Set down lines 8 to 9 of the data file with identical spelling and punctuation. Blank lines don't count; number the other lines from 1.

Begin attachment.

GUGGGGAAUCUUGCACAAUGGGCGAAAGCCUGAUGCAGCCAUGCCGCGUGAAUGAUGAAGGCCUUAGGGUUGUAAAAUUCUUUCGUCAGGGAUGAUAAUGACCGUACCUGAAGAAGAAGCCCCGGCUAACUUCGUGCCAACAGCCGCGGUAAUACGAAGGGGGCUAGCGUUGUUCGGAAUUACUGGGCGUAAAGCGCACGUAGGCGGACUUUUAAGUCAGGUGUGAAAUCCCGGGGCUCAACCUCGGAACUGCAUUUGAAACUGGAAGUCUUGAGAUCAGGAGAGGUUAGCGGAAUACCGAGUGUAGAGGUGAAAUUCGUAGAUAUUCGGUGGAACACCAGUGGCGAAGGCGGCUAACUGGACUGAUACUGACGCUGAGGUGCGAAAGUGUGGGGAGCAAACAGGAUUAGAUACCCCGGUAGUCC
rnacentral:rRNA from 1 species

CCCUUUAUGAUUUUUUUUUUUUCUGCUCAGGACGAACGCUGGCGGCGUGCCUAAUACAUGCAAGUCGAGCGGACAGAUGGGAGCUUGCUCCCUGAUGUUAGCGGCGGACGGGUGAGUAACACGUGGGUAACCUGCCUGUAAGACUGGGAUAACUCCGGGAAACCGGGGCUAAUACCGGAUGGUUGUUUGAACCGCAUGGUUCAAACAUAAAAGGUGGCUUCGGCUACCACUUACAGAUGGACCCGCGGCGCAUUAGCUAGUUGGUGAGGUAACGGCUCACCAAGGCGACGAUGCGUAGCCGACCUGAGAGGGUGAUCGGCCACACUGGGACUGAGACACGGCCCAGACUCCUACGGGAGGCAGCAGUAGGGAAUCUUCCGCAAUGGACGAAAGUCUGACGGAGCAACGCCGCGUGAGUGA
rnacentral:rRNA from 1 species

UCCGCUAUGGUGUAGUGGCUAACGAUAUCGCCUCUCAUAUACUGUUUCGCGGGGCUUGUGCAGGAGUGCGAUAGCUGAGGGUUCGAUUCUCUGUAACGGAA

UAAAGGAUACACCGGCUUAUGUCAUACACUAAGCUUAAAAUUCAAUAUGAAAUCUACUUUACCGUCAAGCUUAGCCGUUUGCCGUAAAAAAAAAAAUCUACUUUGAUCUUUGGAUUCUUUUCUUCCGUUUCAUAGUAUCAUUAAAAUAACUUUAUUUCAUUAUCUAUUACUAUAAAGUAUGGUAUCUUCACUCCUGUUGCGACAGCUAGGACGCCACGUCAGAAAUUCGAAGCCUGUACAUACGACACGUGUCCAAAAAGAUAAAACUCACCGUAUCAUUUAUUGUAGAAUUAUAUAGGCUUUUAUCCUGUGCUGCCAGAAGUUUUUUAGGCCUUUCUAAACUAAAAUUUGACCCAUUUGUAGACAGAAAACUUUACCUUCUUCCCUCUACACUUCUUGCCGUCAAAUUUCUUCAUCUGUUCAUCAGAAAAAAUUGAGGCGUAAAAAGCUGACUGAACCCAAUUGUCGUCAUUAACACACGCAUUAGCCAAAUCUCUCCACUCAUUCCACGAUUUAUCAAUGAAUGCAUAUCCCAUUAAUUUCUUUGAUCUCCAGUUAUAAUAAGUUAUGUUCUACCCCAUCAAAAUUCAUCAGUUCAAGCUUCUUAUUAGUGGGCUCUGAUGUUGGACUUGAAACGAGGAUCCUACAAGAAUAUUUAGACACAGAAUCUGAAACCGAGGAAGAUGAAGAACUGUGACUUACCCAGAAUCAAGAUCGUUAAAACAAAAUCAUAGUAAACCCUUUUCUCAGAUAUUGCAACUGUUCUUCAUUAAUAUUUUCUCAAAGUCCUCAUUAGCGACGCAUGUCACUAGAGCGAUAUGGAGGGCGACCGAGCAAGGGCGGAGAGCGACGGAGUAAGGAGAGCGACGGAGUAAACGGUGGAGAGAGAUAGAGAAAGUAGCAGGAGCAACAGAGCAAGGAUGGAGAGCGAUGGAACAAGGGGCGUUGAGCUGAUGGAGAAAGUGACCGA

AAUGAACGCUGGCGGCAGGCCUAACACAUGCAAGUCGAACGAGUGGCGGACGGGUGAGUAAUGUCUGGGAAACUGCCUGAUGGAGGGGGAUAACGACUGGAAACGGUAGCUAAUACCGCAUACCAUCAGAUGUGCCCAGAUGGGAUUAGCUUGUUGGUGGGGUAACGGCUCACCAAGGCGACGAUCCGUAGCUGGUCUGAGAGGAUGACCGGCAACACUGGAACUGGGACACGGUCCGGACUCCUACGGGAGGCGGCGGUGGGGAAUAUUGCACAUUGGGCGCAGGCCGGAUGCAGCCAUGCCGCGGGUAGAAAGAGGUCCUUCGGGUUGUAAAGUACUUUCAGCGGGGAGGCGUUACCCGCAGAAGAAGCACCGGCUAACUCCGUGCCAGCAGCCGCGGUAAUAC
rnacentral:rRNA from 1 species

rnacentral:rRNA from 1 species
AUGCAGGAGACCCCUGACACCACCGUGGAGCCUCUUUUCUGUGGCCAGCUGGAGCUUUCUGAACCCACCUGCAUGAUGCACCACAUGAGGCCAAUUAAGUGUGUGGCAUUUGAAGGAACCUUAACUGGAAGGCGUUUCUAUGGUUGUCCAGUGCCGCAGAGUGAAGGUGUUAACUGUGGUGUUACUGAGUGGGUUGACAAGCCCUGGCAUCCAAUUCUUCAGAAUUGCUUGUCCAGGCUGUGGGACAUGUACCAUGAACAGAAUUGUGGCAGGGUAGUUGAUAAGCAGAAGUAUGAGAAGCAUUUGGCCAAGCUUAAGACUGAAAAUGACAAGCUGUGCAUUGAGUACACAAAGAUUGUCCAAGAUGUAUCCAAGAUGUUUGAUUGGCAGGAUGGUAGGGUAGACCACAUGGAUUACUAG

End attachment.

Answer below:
rnacentral:rRNA from 1 species

rnacentral:rRNA from 1 species